The present invention is directed to a stable food containing a cholesterol reducing amount of a sterol ester; an effective amount of a fat crystal inhibitor, and an effective amount of a hydrocolloid stabilizer or emulsifier. In a particularly preferred embodiment the present invention is a salad dressing which remains stable even when refrigerated.

DETAILED DESCRIPTION

As disclosed in U.S. Pat. Nos. 5,502,045, 5,578,334 and 5,244,877, the contents of which are incorporated herein by reference, it is known that consumption of β-sitosterol is known to reduce cholesterol levels in the blood stream. In order to be effective it is necessary to consume from about 0.5 to about 1.5 grams, and more preferably about 1 gram of β-sitosterol per serving size. The word sterol ester as used in the present invention is understood to include any cholesterol lowering agent including stanols, stanol esters, sterol esters and the like.

In order to incorporate an effective amount of β-sitosterol in a salad dressing, in which an average serving size of about 30 grams, it is necessary to incorporate less than about 10 percent by weight, typically less than about 8 percent and most preferably about 6 percent by weight of the β-sitosterol in a salad dressing serving.

At this relatively high level of β-sitosterol, it is difficult to formulate a stable product, especially after the product has been opened and requires refrigeration. Refrigeration as used herein, is understood to be temperatures below room temperature, which includes about 60 F but the term also includes temperatures of 40 F and below. These lower temperatures are commonly found in commercial and residential refrigerators.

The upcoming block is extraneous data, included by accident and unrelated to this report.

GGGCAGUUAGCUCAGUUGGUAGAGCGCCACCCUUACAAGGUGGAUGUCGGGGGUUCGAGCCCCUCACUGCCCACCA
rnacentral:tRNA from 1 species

As used throughout this application, stable is understood to mean that the product does not separate into different phases. Instead the food, most preferably the salad dressing, will be relatively uniform and not separate into distinct layers. An example of a stable system is a salad dressing which remains creamy after a period of time. An example of an unstable system is an Italian salad dressing which after the passage of some time will separate into two distinct regions, an oil phase and an aqueous phase.

The present invention requires the incorporation of an effective amount of fat crystal inhibitors which include polyglycerol esters of fatty acids, sorbitan esters of fatty acids such as sorbitan tristearate; polysorbates made from the reaction product of monoglycerides or sorbitan esters with ethylene oxides, mixtures of these materials and the like. Examples of useful polysorbates include polyoxyethylene 20 mono- and diglycerides of saturated fatty acids, polyoxyethylene 4 sorbitan monostearate, polyoxyethylene 20 sorbitan tristearate, polyoxyethylene 20 sorbitan monooleate, polyoxyethylene 5 sorbitan monooleate, polyoxyethylene 20, sorbitan trioleate, sorbitan monopalmitate, sorbitan monolaurate, propylene glycol monolaurate , glycerol monostearate , diglycerol monostearate, glycerol lactyl-palmitate; mono and di-glyerides and the like. A particularly preferred fat crystal inhibitor is Caprol ET, commercially available from A.C. Humko, which is a mixture of polyglycerol fatty acid esters. Typically these materials are incorporated at levels of from 0.1 to about 3.0 percent by weight, preferably from about 0.2 to about 2.0 and most preferably about 0.5 weight percent.

Useful emulsifiers in the practice of the present invention include polyglycerol esters, mono and diglycerides of fatty acids, propylene glycol esters, sucrose fatty acid esters and polyoxyethylene derivatives of sorbitan fatty acid esters and the like. Mixtures of emulsifiers may also be employed. These emulsifiers are well known in the art and are commercially available. The emulsifier level is typically from about 0.01 to about 1.5 weight percent, preferably from about 0.1 to about 1.2 and most preferably from about 0.5 to about 1.0 weight percent.

Suitable polyglycerol esters include triglyceryl monostearate, hexaglyceryl distearate, hexaglyceryl monopalimate, hexaglyceryl dipalmitate, decaglyceryl distearate, decaglyceryl monoleate, decaglyceryl dioleate, decaglycerol monopalmitate, decaglycerol dipalmitate, decaglyceryl monostearate, octaglycerol monoleate, octaglycerol monostearate and decaglycerol monocaprylate.